As we leave, Jeremy asks if I’d like to go somewhere else or call it a night because it’s still early for a weekday. I say I have lots of stuff to do, which is true, and that I should head home. He agrees. We say goodbye. No awkward handshakes or hugs, just a simple straightforward “goodnight”.

The Assessment

How do I rate this date?
On a scale from 1 (I’d rather be in hell, literally) to 10 (fuck me now!), I’m giving this an “N/A”. This was not a date.

The Epilogue

Later that night, I get a text from Jeremy that says he enjoyed going out with me, that he thinks I looked “so beautiful”, and that he was a little disappointed that we had to call it a night so early. Some of this catches me off guard. The next day, he texts me asking if I’d like to hang out again, maybe go over to his place and watch a movie. I say maybe, or that it depends, and that I’m busy most nights (which is true), but I also know that based on some of the phrases he’s using that he kinda has the wrong idea. He definitely thought of bowling as a date. He texts fairly often. He asks how my day’s going. He tells me to “sleep well, beautiful”. He’s overly flirty, overly friendly, overly complimentary, and here I completely thought we were just hanging out as friends.

How did I do this? What did I do wrong?

I don’t think I did anything to indicate I was interested in anything more than a friendship, but maybe I should have made that more clear? Is that how people operate? Do I need to negotiate the terms of “hanging out” in advance of the “hanging out”?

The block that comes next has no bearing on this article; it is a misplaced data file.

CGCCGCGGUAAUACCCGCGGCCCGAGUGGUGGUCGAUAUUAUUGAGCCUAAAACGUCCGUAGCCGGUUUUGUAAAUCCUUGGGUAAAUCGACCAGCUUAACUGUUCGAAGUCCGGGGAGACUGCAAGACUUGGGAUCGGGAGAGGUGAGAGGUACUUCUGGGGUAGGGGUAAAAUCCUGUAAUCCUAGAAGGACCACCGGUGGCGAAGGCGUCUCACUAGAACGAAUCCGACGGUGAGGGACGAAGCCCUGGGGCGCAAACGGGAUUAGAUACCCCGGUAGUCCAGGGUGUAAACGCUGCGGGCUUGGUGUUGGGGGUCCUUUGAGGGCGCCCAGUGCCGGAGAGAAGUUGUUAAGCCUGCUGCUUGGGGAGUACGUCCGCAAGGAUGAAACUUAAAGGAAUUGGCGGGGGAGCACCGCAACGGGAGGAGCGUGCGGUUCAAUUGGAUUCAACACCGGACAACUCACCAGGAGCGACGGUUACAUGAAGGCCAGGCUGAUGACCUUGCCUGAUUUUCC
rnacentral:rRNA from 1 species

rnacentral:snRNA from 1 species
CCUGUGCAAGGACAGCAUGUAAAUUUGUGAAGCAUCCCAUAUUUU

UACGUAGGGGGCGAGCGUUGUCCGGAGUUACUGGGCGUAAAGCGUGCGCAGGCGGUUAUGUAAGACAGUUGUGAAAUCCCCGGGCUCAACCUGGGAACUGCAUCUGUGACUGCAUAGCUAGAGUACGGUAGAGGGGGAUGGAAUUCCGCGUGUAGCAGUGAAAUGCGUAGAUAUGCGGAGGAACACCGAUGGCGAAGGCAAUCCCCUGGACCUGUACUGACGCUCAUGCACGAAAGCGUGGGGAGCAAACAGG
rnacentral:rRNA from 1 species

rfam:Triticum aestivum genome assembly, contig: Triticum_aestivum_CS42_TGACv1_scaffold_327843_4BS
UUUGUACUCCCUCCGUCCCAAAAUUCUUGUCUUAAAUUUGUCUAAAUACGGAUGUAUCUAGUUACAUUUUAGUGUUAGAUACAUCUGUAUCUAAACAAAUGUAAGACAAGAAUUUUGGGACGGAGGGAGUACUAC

I don’t think so.

I think Jeremy just got it all wrong, and that this isn’t my fault at all. It is, however, my responsibility to fix it. I have two choices: give him the runaround for a while to see if he backs off — make excuses as to why I’m busy, skirt around things — I’m pretty good at this, or I tell him straight-up, “I only want to be friends.” The latter is obviously the better, more immediate, and more adult thing to do, but I also don’t want to be a huge asshole, or jump to the wrong conclusions.

So, I take the coward’s way out and I try giving him the runaround for about a week. Just when I’m beginning to wonder if he’s getting the message, he texts me, “I know you don’t like me the way I like you…

Phew. And ugh.

I become an adult and explain. I tell him I didn’t mean to lead him on, and blah, blah, blah, and I think that we’ve put things back in friendly territory.

But I think I’ve learned a lesson somewhere in this. Guys are not always on the same page that I’m on. I can’t make assumptions. They obviously make assumptions, but I should know better.

* Names have been changed, of course, to protect the innocent.

If you like what you just read, please recommend it and then check out more of my ramblings at https://medium.com/@writingsolo or tweet me @writingsolo.

For other pieces in this Publication, check out https://medium.com/navigating-the-sea-of-singledom